Meet the US farmers turning their tobacco into airplane fuel

As the demand for tobacco declines in the US, farmers in Virginia are experimenting with turning the crop into viable biofuel

https://www.theguardian.com/sustainable-business/2016/jul/06/us-farmers-turning-tobacco-into-airplane-fuel-biofuels-renewables

Most of the tobacco growing across 80-acres at Briar View Farms in Callands, Virginia is chosen for its flavour and high nicotine content. The leaves are hand-harvested, flue-cured or dark-fired and sold as smoking or chewing tobacco at premium prices.

One two-acre plot stands apart from the rest, its flavour and nicotine content are irrelevant. The June and October harvests are mechanised and the entire plant, including leaves and stems, are cut with a silage chopper and tossed into metal bins. All of the tobacco plants harvested are turned into biofuel.

On Briar View Farms, first-generation tobacco grower Robert Mills hopes tobacco-based biofuel can spark a profitable future for tobacco growers. “With the uncertainty of tobacco, growers are always looking for new opportunities,” he says.

Over the past four decades, the demand for tobacco in the US has declined. In the 1970s, US farmers grew more than 2bn pounds (900,000 tonnes) of tobacco; by 2012, production dropped to about 800m pounds (360,000 tonnes). The number of tobacco farms declined from 180,000 in the 1980s to just 10,000 in 2012, according to the US Centers for Disease Control and Prevention.

Since 2009, the US biofuel company Tyton BioEnergy Systems has partnered with agronomists from Virginia Tech and North Carolina State University and tobacco growers to research the potential for turning tobacco into biomass. Mills grows two acres of energy tobacco under contract with Tyton.

“We’re experimenting with varieties that were discarded 50 years ago by traditional tobacco growers because the flavours were poor or the plants didn’t have enough nicotine,” explains Tyton co-founder Peter Majeranowski.

Researchers are pioneering selective breeding techniques and genetic engineering to increase tobacco’s sugar and seed oil content to create a promising source of renewable fuel. The low-nicotine varieties require little maintenance, are inexpensive to grow and thrive where other crops would fail.

“There is a lot of land not being used in tobacco regions that isn’t good for growing row crops,” Majeranowski says. “Instead of growing low-value crops like hay, farmers can earn more revenue per acre growing ‘energy tobacco’.”

Tyton BioEnergy Systems isn’t alone in its quest to turn tobacco into a viable biofuel. In 2013, the Lawrence Berkeley National Laboratory, in partnership with UC Berkeley and University of Kentucky, received a $4.8m grant from the US Department of Energy to research the potential of tobacco as a biofuel. While in South Africa, Project Solaris, a collaboration between Boeing and South African Airways, is focused on developing aviation biofuel from tobacco crops with a goal of operating its first tobacco-fuelled passenger flight in 2016.

For tobacco producers, the transition is simple: growing energy tobacco is similar to growing smoking tobacco and requires the same equipment and skills; because the harvest is mechanised, it takes less labour to produce a crop.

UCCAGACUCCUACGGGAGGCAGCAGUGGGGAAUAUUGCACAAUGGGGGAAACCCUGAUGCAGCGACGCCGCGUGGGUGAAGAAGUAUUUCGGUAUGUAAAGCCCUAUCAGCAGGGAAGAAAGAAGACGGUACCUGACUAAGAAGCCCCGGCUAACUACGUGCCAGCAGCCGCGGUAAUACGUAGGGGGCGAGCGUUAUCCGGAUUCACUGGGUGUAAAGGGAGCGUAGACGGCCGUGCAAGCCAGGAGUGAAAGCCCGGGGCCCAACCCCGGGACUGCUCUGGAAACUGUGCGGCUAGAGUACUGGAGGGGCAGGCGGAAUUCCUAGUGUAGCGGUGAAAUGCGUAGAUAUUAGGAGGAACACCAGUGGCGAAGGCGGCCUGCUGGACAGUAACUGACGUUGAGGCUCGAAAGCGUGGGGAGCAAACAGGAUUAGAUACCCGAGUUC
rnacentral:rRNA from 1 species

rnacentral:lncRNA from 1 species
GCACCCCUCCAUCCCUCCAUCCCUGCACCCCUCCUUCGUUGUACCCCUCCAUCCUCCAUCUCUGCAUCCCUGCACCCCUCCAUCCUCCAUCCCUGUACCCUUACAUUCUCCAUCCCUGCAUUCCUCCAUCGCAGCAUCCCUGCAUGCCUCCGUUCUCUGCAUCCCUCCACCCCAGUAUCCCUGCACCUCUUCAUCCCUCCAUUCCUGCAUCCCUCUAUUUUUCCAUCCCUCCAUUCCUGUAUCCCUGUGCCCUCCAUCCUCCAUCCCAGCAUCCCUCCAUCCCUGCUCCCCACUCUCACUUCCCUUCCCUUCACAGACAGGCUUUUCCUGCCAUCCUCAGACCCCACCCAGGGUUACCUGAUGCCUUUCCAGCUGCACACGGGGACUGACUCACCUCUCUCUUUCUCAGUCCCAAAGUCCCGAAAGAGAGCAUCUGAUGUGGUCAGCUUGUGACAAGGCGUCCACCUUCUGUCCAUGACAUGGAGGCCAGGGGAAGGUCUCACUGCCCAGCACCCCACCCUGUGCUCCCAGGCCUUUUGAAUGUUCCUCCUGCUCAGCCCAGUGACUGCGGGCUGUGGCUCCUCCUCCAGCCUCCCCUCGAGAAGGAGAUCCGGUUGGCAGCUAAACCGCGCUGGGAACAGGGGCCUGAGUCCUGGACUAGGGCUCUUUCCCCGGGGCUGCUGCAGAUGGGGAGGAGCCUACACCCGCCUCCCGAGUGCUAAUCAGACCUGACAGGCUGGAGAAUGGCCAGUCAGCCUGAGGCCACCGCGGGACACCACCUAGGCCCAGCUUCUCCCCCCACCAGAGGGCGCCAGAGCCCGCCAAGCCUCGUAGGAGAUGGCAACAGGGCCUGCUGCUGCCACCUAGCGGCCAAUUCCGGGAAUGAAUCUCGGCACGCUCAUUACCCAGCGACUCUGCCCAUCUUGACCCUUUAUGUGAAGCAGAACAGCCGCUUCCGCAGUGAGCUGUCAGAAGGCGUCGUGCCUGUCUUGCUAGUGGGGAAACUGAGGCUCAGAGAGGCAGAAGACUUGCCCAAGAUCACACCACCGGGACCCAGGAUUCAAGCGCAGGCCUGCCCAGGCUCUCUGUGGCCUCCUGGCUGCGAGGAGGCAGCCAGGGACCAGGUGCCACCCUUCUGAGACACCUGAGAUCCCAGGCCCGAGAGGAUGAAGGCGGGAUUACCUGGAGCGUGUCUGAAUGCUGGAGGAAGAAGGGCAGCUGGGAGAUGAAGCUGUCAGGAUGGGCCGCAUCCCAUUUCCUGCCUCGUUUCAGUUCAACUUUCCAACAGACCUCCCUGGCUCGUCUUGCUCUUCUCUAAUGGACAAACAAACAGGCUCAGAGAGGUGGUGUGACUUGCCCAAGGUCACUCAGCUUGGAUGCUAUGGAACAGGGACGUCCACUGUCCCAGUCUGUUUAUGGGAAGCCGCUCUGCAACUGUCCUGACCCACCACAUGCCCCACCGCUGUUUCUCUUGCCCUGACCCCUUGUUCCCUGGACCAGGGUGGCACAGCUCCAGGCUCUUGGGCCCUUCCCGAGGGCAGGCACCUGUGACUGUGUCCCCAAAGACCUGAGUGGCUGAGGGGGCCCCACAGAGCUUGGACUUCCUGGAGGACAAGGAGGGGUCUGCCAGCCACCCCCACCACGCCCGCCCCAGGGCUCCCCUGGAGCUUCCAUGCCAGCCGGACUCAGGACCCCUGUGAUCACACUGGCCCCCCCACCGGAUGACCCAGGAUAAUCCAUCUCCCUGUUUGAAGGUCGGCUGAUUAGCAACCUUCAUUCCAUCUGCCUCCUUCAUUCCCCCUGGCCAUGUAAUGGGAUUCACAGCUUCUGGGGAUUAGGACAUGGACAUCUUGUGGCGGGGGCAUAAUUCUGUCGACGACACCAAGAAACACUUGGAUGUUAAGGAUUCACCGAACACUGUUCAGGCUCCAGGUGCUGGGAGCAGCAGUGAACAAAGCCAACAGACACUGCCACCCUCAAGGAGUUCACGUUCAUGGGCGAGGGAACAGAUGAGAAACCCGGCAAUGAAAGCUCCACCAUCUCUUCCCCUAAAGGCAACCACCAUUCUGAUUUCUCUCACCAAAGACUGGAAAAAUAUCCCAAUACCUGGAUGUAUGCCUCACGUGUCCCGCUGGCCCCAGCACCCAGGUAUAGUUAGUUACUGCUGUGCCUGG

One acre of tobacco can yield up to 80 wet tons of biomass and all of the byproducts, including sugars, oils and proteins, can be used in products ranging from biofuel and animal feed to soil amendments (nutrients added to improve soil).

“I know we’re not going to get the same returns we get on traditional tobacco but we have a lot less labour so it’s a lot cheaper to produce and it’s more competitive per acre than commodities like corn and soybeans,” says Mills, who started growing tobacco under contract with Tyton in 2011.

The potential to turn tobacco into a different kind of cash crop enticed grower Chris Haskins to sign a contract with Tyton in 2013 to grow 1.5 acres of energy tobacco on his 50-acre farm in Chatham, Virginia.

“Tobacco has been a mainstay for farmers in this area,” Haskins says. “It’s nice to see it getting some positive press and building hope for farmers that it can be used in positive ways.”

While Haskins is hopeful, some tobacco growers are sceptical. These are just pilot projects and energy tobacco is not yet being sold on the open market, so there are no established prices. “I think there’s still a large amount of ‘wait and see if this is for real’ attitude among growers,” says Tim Pfohl, grants program director for the Virginia Tobacco Region Revitalization Commission.

According to Pfohl, the commission supports opportunities to build new markets for tobacco growers, noting that alternative buyers for tobacco crops will keep growers from being tied to the cigarette manufacturer contract system. The commission gave Tyton BioEnergy Systems a grant of $2.78m in 2012, to further its research.

“The end game for the commission … is new jobs and private investment in tobacco region production facilities,” Pfohl says.

Tyton has 30 acres of research trials under way and, in 2014, created a partner company, Tyton NC Biofuels, pledging $36m to start a tobacco ethanol refinery in Hoke County, North Carolina. As investments increase and bioenergy gets more attention in the media, interest from farmers is growing.

“Now that I’m going into my fourth season as a contract grower, I can see how far we’ve come and I can see tobacco being a viable source of energy for the future,” Mills says. “There is a new generation of farmers that are more progressive and looking for alternatives and this gives farmers opportunities for diversity. Now is the right time to focus on tobacco as a biofuel.”